Galaxies farther from Earth move faster and are farther apart than closer galaxies. How does this fact support the Big Bang theory? 2ND question : It has been said that fusion permits life on Earth...

Galaxies farther from Earth move faster and are farther apart than closer galaxies. How does this fact support the Big Bang theory?

2ND question : It has been said that fusion permits life on Earth to exist. Explain this statement.

3rd question: Which is older – a star made of lots of hydrogen and helium, or a star made of heavier elements?


4TH question: What does the presence of a lot of iron in a star indicate?


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Asked on by fofa123

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bandmanjoe | Middle School Teacher | (Level 2) Senior Educator

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Let us analyze this theory of the Big Bang explosion.  If all the matter of the universe were compacted together in one tight ball, then an explosion occured, the pieces on the outside would be leaving first, at a faster rate.  Those on the inside would be leaving last, probably at a slower, or more reduced rate.  And at any rate, all the galaxies would be moving away from the expenditure of energy of the explosion, from the supposed center of the explosion, and away from each other.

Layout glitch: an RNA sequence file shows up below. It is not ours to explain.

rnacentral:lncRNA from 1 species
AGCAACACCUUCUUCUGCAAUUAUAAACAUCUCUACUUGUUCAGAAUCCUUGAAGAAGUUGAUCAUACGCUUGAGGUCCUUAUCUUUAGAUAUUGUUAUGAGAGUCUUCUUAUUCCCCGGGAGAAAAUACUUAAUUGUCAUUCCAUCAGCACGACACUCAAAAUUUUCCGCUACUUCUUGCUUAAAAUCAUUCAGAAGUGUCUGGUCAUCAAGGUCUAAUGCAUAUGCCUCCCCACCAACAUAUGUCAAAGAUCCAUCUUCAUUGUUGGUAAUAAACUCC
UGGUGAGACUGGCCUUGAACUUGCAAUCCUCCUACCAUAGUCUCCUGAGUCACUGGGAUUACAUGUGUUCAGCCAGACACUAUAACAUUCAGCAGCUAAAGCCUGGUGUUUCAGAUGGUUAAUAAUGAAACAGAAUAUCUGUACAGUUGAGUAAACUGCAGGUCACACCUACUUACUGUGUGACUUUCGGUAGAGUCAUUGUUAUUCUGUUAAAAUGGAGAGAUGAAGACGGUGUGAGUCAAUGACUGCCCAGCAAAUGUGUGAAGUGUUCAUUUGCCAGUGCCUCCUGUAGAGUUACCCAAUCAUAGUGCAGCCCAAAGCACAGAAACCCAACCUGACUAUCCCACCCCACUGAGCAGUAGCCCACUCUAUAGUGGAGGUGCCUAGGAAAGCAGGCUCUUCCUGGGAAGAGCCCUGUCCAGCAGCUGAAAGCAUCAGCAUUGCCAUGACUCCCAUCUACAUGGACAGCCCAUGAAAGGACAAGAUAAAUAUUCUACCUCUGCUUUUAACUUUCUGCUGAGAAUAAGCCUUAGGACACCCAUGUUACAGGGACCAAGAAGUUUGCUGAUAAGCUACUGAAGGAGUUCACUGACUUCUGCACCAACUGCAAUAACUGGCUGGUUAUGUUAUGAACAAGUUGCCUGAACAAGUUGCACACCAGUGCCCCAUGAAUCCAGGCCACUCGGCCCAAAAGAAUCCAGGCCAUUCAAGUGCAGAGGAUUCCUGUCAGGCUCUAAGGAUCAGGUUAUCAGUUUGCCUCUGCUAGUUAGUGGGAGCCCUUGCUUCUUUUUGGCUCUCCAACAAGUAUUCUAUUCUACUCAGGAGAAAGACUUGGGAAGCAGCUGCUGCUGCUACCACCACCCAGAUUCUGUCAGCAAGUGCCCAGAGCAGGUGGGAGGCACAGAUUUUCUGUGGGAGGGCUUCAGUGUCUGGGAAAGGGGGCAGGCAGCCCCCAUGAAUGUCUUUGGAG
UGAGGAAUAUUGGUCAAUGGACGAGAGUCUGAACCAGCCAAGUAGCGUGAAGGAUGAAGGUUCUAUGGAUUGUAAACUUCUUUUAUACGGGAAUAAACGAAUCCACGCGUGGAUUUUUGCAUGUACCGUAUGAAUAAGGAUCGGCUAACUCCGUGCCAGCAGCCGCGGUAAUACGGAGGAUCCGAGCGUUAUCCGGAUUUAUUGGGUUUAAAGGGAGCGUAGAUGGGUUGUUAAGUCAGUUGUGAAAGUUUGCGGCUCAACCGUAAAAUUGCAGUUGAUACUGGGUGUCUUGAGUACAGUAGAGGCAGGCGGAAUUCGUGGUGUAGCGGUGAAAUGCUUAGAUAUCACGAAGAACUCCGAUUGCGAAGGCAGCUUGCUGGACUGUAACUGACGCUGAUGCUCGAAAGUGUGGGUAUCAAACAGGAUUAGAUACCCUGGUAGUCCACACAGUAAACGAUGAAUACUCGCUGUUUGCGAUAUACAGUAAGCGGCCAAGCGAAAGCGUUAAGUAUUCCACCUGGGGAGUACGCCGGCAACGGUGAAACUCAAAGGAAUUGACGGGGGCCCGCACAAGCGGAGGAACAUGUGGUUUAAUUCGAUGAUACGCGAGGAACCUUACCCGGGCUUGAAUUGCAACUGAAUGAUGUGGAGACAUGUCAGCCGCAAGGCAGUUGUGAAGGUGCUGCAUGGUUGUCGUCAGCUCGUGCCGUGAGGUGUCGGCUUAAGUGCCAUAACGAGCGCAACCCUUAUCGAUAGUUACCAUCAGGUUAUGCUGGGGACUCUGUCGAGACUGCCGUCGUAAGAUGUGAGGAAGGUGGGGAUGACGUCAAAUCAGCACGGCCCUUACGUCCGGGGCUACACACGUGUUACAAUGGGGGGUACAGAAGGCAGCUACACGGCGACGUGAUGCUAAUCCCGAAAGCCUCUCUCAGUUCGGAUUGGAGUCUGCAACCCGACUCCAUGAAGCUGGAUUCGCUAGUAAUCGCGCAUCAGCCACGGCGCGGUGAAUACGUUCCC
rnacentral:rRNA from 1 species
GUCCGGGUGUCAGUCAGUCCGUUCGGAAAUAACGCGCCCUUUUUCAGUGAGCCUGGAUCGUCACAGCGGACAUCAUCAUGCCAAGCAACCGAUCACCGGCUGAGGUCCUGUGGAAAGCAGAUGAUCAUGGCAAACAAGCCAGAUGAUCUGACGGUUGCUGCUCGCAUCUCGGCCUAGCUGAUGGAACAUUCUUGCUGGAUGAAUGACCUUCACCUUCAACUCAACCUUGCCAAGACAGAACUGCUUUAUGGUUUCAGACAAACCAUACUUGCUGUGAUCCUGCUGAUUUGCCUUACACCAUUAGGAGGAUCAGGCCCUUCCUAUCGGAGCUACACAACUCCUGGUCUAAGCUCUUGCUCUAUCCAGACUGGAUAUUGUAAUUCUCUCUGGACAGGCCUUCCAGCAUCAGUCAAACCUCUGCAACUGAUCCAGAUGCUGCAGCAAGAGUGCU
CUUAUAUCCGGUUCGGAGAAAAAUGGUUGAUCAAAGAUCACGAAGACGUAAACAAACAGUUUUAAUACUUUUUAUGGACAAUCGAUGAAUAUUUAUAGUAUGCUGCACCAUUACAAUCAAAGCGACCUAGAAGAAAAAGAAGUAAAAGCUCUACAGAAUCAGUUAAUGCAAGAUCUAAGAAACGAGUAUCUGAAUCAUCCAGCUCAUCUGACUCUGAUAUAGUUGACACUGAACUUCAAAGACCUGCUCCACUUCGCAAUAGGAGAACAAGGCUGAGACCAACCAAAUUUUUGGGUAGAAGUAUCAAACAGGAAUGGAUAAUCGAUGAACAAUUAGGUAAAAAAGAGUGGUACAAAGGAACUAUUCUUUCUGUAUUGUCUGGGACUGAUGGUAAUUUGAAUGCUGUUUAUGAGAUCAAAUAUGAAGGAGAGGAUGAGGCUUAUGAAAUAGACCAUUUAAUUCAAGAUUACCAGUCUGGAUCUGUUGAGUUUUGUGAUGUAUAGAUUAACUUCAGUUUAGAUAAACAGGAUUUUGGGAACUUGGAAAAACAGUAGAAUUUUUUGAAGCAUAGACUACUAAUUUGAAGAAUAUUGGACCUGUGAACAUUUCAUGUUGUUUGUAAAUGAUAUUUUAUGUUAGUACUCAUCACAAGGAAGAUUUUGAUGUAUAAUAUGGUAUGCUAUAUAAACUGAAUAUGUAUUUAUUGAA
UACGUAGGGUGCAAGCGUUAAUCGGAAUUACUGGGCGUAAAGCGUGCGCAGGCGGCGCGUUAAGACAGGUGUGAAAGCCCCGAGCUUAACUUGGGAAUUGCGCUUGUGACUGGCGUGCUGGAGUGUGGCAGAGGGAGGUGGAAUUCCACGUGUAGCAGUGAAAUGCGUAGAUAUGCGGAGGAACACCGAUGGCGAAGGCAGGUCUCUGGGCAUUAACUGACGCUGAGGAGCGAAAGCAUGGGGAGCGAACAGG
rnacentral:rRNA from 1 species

Fusion is the process that allows hydrogen nuclei, which is the fuel of stars like the sun, to generate the energy they produce.  The sun is the ultimate energy source for all life forms on Earth.  Two hydrogen nuclei will literally fuse together, releasing energy, and produce a helium nucleus.  This process continues until the nuclei get up around oxygen or nitrogen, where the nuclei become too heavy to undergo further fusion.

Having said all that, a star with many heavier elements would obviously be older than a star with heavy concentrations of hydrogen and helium.  Stars with the presence of much heavier elements, like iron, are likely at the end of their life cycles and will not be in existence much longer.

 

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